Monday, February 14, 2011

Pen Meets Paper Feb.14"10

Opinion by Helge Nome
I used to have a small orange orchard while living in the tropics in Australia. The trees grew in sandy marginal soil with few naturally occurring plant nutrients readily available to the trees. For that reason, some trees had a hard time making a go of it if they missed out on irrigation water or sufficient fertilizer from time to time. A very obvious pattern emerged: Those trees that were weak were attacked by aphids and a black sooty mold to a far greater degree than the strong trees were. The same pattern occurs in the animal world where ticks are found in great numbers on weak individual animals in the domestic cattle and wild moose populations here in Canada, for example. These blood sucking parasites take advantage of the inability of the host to defend itself from their onslaught.
Regrettably, in human society, this pattern is repeated, not just by tiny parasites taking advantage, but also by humans preying on humans. We look back at the Viking age and shake our heads as to what some people would do to others without any provocation other than perceived opportunity.
Today the scale of parasitism has changed, but not its nature. The tools are different but the end result is the same: The strong preying on those that are least able to defend themselves. In our world the primary tool for doing this is a deregulated financial system that allows rampant speculation to cause wild fluctuations in prices of goods and services, including essential ones such as energy, shelter and basic food stuffs. The predators have arranged things to win both ways; when prices go up and when they come down. They use the doctrine of the “free” market to justify what they are doing while all the while manipulating that market vigorously to their own advantage. The mechanics of the process is something like this: Being effectively able to create new money at will, the manipulator will focus on a commodity, like oil, wheat or whatever, and buy, buy, buy, on the open market creating a band wagon effect with other speculators falling into line and helping prices increase: Everybody goes “long” anticipating increasing prices. Now, at the same time the manipulator develops a “short” position, betting that the prices will fall at a certain point in time. And that’s pretty easy to do because you decide when you are going to dump what you have bought back onto the open market. So you make money on the way up and you make money on the way down with no risk attached because you control the timing and amount of the rise and the fall in the market price of the commodity. And there is no physical movement of the commodity involved, just ownership, at present or in the future.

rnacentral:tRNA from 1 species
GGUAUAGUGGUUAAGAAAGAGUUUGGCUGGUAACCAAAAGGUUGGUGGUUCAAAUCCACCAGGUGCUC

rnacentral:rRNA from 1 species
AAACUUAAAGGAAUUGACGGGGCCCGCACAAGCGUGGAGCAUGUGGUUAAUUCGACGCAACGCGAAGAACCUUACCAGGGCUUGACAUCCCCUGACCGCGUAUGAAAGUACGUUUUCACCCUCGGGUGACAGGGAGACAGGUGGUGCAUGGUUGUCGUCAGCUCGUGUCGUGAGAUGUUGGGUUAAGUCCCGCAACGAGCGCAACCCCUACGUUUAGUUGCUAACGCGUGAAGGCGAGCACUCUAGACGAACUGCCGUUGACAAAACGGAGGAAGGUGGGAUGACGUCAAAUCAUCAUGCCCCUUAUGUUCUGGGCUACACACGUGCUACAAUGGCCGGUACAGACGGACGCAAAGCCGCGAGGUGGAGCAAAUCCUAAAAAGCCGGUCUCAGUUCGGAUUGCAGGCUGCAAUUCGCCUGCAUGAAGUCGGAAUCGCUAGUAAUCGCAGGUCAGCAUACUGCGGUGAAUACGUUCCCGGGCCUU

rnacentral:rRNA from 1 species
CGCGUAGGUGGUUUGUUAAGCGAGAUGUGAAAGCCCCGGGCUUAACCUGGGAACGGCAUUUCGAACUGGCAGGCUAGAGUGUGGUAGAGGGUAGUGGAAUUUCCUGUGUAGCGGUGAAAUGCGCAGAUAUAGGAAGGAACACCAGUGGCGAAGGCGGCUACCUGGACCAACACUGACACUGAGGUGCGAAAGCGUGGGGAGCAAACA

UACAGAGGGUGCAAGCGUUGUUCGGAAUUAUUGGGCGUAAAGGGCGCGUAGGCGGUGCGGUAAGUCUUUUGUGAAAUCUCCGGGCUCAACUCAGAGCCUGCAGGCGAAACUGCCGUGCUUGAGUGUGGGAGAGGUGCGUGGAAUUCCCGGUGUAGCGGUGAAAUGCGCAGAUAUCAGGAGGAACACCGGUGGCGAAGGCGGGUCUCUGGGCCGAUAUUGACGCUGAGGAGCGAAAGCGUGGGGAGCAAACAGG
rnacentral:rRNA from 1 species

And who pays the ultimate price for this gambling? Mostly those that live on the breadline and have to fill their stomachs as best they can no matter what the price of the commodity, like wheat for example. That’s what is happening right now in the Middle East. The consequences are predictable, as we can see and hear on the daily news.

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